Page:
The traditional way of seeing customer acquisition and customer retention as separate disciplines is an extremely dangerous way of running a modern business, because it traps you in a public lie.

So says Sandra Galer, consulting director for Merchants, South Africa’s largest business process outsourcer. “If, for instance, you offer new customers free handsets but offer your existing customers nothing new, no reward for loyalty, you’re sending a very clear message that your existing customers don’t matter and that customer service is an empty promise.

“Consumers get that. So, they will be as expedient as you are, by taking your handset now but moving on as soon as something better comes up with another provider.

“Not only are you being hypocritical about customer service, you’re teaching consumers that their best option is disloyalty to their service providers. You’re creating a market you don’t want; a market in which you will have to keep increasing your marketing spend to attract increasingly disloyal customers.

“It’s actually far more cost effective to spend a good portion of your marketing money on customer retention via great customer service. It may feel less glamorous and as though you are abandoning your branding efforts. But, every time you use customer service to prevent the loss of a customer, you have acquired that customer’s willingness to do more business with you – and you have reinforced your brand. Cross or upselling the customer on additional products and services equates to the acquisition of a new customer.

“The cost and effort of building a long term relationship with your existing customers translate into sustainability for your business. You are building a market you can rely on.”

Drive revenue differently

This approach to customer retention converts it from its traditional and often resented position as a cost centre into a revenue driver.

It does, however, require the organisation to behave differently – not only in terms of refocusing attention on what constitutes customer service but also in terms of allocating funds in more effective ways.

“Customers who are brand advocates are your cheapest marketing tool because they market you voluntarily,” Galer says. “And your existing customers are your largest source of brand advocates. New customers will talk about your great discount or new handset while your existing customers will talk about their long term experience of your customer service. It’s a much more convincing and credible conversation.

“So, it’s worth diverting funds from your customer acquisition campaigns to customer retention activities. In effect, it’s putting your money where your mouth is.”

Today, great customer service comes down to personalising your relationship with each customer as an individual. To achieve this, you need to segment your customers not only to understand where they are, what they do, and which of your services they have but also to predict their future behaviour.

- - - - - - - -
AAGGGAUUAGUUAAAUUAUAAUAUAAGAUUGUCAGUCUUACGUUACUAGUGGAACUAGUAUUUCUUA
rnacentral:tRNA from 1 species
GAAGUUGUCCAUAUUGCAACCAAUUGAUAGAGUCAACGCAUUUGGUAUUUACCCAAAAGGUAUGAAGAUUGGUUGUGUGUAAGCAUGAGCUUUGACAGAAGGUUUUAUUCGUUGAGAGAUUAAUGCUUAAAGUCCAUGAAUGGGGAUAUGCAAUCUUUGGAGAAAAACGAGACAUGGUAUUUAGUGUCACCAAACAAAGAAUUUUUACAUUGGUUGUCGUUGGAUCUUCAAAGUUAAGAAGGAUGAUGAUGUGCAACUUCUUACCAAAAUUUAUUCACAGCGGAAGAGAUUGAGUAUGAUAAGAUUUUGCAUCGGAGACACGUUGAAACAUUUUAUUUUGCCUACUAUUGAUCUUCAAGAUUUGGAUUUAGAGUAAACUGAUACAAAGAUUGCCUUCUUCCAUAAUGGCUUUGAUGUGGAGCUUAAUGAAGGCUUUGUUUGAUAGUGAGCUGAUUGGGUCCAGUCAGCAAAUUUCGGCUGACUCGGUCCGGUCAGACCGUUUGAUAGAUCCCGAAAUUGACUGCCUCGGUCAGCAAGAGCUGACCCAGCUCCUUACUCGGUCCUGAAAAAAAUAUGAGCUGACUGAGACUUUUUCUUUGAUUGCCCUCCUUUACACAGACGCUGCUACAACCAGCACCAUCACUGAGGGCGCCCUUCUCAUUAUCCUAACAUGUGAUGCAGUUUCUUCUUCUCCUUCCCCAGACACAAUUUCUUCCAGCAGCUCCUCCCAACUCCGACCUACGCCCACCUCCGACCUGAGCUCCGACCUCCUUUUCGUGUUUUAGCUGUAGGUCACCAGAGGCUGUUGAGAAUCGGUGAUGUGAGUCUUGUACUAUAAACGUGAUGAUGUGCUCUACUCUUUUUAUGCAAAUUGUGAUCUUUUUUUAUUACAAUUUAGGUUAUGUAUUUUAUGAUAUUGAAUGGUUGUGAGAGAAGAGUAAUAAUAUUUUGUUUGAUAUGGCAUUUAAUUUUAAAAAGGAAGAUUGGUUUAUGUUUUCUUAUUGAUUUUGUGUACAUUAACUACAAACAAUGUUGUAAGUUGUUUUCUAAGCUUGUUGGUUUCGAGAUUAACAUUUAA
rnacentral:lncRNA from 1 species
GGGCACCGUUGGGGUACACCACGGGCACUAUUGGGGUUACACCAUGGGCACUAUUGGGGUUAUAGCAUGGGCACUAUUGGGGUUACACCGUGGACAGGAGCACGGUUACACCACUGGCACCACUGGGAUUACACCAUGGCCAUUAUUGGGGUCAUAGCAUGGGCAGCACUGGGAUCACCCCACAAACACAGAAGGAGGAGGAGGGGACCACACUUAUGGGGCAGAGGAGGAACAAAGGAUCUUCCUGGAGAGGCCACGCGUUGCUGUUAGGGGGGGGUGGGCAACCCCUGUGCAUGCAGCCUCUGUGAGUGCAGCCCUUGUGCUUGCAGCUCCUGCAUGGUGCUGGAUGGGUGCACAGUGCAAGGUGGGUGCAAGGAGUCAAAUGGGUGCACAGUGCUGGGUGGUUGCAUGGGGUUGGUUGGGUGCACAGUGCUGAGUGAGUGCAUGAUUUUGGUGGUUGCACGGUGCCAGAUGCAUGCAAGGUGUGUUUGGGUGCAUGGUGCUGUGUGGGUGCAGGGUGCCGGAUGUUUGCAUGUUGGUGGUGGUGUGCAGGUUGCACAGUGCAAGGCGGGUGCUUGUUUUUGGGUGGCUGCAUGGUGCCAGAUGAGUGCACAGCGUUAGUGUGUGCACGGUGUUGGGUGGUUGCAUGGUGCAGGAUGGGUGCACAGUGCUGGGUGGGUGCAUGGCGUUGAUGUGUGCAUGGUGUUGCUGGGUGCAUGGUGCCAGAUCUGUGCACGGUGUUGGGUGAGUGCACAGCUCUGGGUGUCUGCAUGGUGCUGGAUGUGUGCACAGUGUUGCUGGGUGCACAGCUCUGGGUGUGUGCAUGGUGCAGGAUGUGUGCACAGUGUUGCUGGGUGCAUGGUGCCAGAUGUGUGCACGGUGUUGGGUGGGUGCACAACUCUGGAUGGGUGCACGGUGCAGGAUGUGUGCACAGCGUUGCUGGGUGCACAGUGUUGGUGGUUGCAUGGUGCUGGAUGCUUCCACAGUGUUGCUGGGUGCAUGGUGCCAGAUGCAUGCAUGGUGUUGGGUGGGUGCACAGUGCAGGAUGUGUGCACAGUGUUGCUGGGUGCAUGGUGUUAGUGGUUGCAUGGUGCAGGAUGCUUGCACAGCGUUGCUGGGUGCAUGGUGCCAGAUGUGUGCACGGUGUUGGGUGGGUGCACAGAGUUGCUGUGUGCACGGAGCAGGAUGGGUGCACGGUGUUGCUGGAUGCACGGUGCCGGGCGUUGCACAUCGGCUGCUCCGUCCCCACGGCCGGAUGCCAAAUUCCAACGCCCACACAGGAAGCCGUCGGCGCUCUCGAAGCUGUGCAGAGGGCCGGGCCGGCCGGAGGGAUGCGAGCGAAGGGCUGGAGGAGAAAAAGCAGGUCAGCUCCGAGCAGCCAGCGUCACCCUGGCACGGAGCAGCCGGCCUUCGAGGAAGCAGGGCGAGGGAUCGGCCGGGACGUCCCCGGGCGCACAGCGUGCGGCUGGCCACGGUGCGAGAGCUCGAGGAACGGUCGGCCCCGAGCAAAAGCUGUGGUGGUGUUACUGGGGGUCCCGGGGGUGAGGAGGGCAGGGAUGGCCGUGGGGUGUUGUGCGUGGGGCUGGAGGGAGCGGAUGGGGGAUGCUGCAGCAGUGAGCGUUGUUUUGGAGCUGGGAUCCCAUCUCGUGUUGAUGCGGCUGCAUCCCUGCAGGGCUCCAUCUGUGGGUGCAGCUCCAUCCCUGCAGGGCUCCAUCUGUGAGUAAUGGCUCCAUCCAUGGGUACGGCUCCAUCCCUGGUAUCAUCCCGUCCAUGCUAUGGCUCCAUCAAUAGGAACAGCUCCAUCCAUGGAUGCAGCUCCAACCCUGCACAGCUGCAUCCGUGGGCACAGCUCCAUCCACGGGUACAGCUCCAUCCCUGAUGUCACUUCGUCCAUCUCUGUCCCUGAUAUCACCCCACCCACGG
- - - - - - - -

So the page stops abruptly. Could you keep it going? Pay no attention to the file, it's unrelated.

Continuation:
The ability to offer relevant products and services to customers at the time when they might be most disposed to purchase them comes down, therefore, to business intelligence and analytics capabilities.

Know the future

“Analytics is a game changer because it gives you the ability to get customers to adapt their behaviour,” Galer says. “A customer who might not ordinarily buy additional vehicle insurance can be persuaded to take additional cover for their tyres by an sms from you showing that you know they are more at risk because they travel a great deal on back roads.

“Or if you are a car dealer and have installed a sensor that tells you when the car has hit a pothole, you can sms the owner you would not see between services to come in and have his tyres checked. While he’s there, you can offer a special or simply reinforce your interest in him.

“The key is to offer the right thing for the right reasons. Sending all your customers information on your latest insurance deal simply doesn’t work anymore. It’s marketing money going to waste. It’s far better to spend that money on the best analytics technology available.”

Analytics highlights another significant benefit of focusing at least as much on providing great service to existing customers as on campaigning for new ones. You already have large amounts of information on existing customers, whereas it is going to take time and effort to gather the same level of detail on customers you haven’t yet acquired.

As Galer says: “You’re sitting on information assets that will enable you to target future strategies very accurately and to develop products and services your customers really want.

“It’s the kind of information that enables you to offer your high value banking customers concierge services or lounge access at airports, building their loyalty through relevance to their lifestyle needs.

“The key, always, is to make your customer’s lives easier.

“Most important of all, however, is to do the right thing. Take the time and trouble and spend the money necessary to acknowledge the value to your organisation of existing customers by finding out what they need from you and then providing that.

“In this digital time, none of this difficult. You have the budget. It’s sitting in your marketing campaigns. So, all you really need is a little executive focus on customer service.”